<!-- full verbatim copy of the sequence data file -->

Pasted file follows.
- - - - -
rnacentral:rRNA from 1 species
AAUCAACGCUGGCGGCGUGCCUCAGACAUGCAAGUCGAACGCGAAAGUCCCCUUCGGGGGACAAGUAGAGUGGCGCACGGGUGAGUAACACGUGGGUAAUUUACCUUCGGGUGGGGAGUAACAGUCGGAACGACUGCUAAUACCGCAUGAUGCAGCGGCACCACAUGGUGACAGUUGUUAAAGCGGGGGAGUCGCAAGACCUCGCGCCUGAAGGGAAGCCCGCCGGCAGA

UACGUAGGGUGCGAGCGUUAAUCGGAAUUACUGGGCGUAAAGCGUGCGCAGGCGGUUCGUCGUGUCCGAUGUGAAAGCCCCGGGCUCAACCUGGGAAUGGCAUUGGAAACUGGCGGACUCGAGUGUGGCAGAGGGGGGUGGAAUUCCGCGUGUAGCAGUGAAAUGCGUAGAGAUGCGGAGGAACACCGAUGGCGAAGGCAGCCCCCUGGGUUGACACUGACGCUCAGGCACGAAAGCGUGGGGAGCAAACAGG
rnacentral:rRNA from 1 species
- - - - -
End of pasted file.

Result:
rnacentral:rRNA from 1 species
AAUCAACGCUGGCGGCGUGCCUCAGACAUGCAAGUCGAACGCGAAAGUCCCCUUCGGGGGACAAGUAGAGUGGCGCACGGGUGAGUAACACGUGGGUAAUUUACCUUCGGGUGGGGAGUAACAGUCGGAACGACUGCUAAUACCGCAUGAUGCAGCGGCACCACAUGGUGACAGUUGUUAAAGCGGGGGAGUCGCAAGACCUCGCGCCUGAAGGGAAGCCCGCCGGCAGA

UACGUAGGGUGCGAGCGUUAAUCGGAAUUACUGGGCGUAAAGCGUGCGCAGGCGGUUCGUCGUGUCCGAUGUGAAAGCCCCGGGCUCAACCUGGGAAUGGCAUUGGAAACUGGCGGACUCGAGUGUGGCAGAGGGGGGUGGAAUUCCGCGUGUAGCAGUGAAAUGCGUAGAGAUGCGGAGGAACACCGAUGGCGAAGGCAGCCCCCUGGGUUGACACUGACGCUCAGGCACGAAAGCGUGGGGAGCAAACAGG
rnacentral:rRNA from 1 species